Environmental regulations, employment rights, food safety, privacy laws and many other safeguards will also be secondary to the right of corporations to make even bigger profits.

6. Leave the EU to support democracy
The vast majority of the laws that affects our lives are now made in the EU and not the UK. We have no say over those laws. As the late Tony Benn said in 1991:

“We are discussing whether the British people are to be allowed to elect those who make the laws under which they are governed. The argument is nothing to do with whether we should get more maternity leave from Madame Papandreou [a European Commissioner].”

RMT will be promoting the six key points direct to members across all sectors of the transport industry through the union’s RMT NEWS, through branches and reps and through the union’s social media platforms.

RMT General Secretary Mick Cash said:

“RMT is proud to stand up for the tradition of progressive and socialist opposition to the European Union, an organisation wedded to privatisation, austerity and attacking democracy.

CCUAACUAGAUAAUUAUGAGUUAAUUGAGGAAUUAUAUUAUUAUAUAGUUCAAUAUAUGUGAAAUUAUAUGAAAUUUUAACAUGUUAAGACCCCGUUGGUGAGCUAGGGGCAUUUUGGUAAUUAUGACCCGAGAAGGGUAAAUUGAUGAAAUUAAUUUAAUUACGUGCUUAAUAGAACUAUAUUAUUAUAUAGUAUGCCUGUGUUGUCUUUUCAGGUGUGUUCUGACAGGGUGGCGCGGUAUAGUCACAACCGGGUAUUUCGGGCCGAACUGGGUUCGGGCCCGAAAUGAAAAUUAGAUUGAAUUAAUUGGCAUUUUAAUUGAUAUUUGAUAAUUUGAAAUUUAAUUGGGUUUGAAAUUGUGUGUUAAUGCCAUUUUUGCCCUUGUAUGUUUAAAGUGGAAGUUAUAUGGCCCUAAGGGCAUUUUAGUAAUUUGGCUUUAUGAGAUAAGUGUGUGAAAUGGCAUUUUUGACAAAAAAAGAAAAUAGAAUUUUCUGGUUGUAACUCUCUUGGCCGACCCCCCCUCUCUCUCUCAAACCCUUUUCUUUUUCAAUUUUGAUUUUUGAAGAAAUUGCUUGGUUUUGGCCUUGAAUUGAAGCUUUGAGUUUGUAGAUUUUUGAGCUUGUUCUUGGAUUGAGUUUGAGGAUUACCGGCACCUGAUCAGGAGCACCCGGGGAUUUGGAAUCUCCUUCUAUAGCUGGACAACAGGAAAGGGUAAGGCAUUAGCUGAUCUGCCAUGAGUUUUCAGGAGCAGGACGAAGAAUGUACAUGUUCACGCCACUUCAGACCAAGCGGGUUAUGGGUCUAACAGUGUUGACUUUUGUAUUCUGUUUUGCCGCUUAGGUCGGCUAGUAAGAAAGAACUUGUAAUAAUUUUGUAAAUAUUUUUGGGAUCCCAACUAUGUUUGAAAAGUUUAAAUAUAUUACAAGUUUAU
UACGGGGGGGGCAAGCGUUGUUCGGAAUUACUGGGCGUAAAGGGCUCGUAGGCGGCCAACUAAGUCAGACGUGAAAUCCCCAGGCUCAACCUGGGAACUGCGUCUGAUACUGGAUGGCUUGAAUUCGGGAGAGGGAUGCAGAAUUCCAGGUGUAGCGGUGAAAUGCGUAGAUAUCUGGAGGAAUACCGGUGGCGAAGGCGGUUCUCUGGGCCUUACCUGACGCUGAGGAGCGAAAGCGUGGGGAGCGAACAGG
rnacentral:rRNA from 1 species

“It would be frankly ludicrous for a union like ours to support staying in a bosses club that seeks to ban the public ownership of our railways, attacks the shipping and offshore sectors and embraces the privatisation of the NHS and other essential services that our members depend on.

“RMT has set out the six core reasons for our members to vote to leave and we will be campaigning hard on this platform.”

And remember this:

Trade Unionists Against the EU has been invited to several trade union conferences in Europe and received best wishes from workers organisations throughout the continent.

Perhaps not enough has been done over the last three decades to link up in solidarity with our nearest neighbours in the EU as they too have faced the full wrath of the EU’s neoliberalism.